We face situations every day at work when we'd like to influence people to our way of thinking. From asking someone to join your project or a new business partnership, or even to sell your company, in all of these situations, you need to gain some kind of influence if you want to get the outcome you're seeking.
The need to build influence has become even more of a priority as organizations have moved further away from hierarchical management structures to more informal networks. When you can't just order someone to do something via the power of your title, you need to build influence to gain traction.
If building influence is becoming an essential skill for the modern workplace, then what's the best way to do it?
Changing points of view
When it comes to building influence, some people default to pummeling others with their superior logic and rational thought. I must admit, I have been guilty of this approach. Turns out, that is not an effective way to build influence.
We can actually learn a lot by watching how the best salespeople operate. They don't try to persuade people with the facts and figures until someone has been won over. So how do they win people over?
The secret is asking questions.
Ultimately, the best way to get someone to join your way of thinking is to get them to come to those same conclusions on their own. The more you try to tell anyone what to think, the more resistant they will become. The skill is in asking carefully crafted questions in a way that gets someone not to see "your" point of view, but to decide on their own that it's also "their" point of view as well.
As an old adage puts it: No one likes to be sold, but everyone likes to buy. In other words, by asking questions, you're not selling someone--you're giving them the opportunity to buy.
Learning to sell yourself
I was taught this valuable lesson early in my sales career by an experienced sales guy I worked with. I remember he ran me through a scenario in which we play-acted that I was buying a car from him.
He started by saying, "Go ahead and ask me about this car."
"Ok," I said. "Does it come in blue?"
"Do you want it to come in blue?" he asked.
"I would," I replied. "So, does it have a big engine?"
"Is a big engine important to you?" he asked.
"Yeah, it is," I told him.
The conversation continued on like this until he had made his point clear: I was basically choosing the exact kind of car I wanted without any real prompting from him. I was selling myself because I was coming to my own decisions.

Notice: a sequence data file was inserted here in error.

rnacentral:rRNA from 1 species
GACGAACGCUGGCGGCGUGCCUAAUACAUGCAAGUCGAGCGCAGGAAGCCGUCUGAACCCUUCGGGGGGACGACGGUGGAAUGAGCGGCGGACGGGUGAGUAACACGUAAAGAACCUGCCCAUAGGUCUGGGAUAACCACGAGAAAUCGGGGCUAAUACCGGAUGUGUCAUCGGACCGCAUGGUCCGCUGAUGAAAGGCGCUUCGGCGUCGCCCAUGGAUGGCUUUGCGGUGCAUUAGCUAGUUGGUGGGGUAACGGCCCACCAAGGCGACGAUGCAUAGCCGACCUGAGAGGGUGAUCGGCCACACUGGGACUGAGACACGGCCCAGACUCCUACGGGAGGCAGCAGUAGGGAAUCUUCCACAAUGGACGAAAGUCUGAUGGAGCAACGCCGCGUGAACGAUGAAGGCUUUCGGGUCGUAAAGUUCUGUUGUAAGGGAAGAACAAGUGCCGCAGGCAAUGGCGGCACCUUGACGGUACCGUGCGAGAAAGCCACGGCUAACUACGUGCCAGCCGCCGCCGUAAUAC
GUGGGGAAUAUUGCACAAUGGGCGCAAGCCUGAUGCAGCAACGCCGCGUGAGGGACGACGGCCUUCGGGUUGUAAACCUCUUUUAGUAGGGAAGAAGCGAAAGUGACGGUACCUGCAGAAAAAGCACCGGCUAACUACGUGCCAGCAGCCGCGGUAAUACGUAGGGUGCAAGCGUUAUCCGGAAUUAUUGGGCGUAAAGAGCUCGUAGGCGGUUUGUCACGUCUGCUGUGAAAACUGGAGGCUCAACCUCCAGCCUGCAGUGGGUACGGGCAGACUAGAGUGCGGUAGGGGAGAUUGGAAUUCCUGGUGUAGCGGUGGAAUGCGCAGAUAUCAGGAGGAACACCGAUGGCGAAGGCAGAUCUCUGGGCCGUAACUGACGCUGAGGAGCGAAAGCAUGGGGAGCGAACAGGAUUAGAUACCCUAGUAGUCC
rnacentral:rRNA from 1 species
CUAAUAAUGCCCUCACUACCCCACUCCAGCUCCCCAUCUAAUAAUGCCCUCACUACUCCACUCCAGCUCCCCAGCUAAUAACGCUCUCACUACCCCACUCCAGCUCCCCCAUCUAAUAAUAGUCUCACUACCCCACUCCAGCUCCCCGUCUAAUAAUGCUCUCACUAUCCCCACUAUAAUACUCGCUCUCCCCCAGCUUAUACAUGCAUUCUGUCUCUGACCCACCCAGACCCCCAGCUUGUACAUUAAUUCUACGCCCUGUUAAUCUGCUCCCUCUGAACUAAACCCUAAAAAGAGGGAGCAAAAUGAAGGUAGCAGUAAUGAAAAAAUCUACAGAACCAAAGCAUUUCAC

You can use that same dynamic when it comes to the workplace. If you're talking to your co-worker Bob, for example, and you're trying to decide on which project to work on together, you can start by asking him: "Bob, which of these projects should we do first?" When he gives you an answer, you can then follow up with another question: "Why did you choose that one?"
In the end, you both might come to the same conclusion to work on a particular project, which also just happened to be the project you wanted to work on from the start.
Don't cross the line
The challenge in building influence through questions is that you can find yourself walking the line of manipulating someone--which can turn them off in a hot second.
All you need to do is think of the last time you dealt with a snarky salesperson who kept asking you questions even after you came to your decision. In that case, it was clear that he didn't like the conclusion you came to and kept prodding you toward a different path.
If you want to build influence, you need to be willing to let someone come to a different decision than you might have wanted them to. Otherwise, you will come across as insincere and clearly manipulative and you can turn people completely off.
It can pay to be open to any new ideas someone comes up with because of the questions you have been asking.
This also relates to something I have written about before, which is as a leader, sometimes you have to choose to let people go in a different direction when it's not something critical enough to actually sink the ship.
A trusting influence
The lesson learned is that when it comes to building influence, don't default to fact, figures, or playing the "boss card." Rather, rely on carefully chosen questions to help someone see the world differently and from a different perspective. And if you can do that well, and not cross the line by overly manipulating them, you may just create a true believer out of it.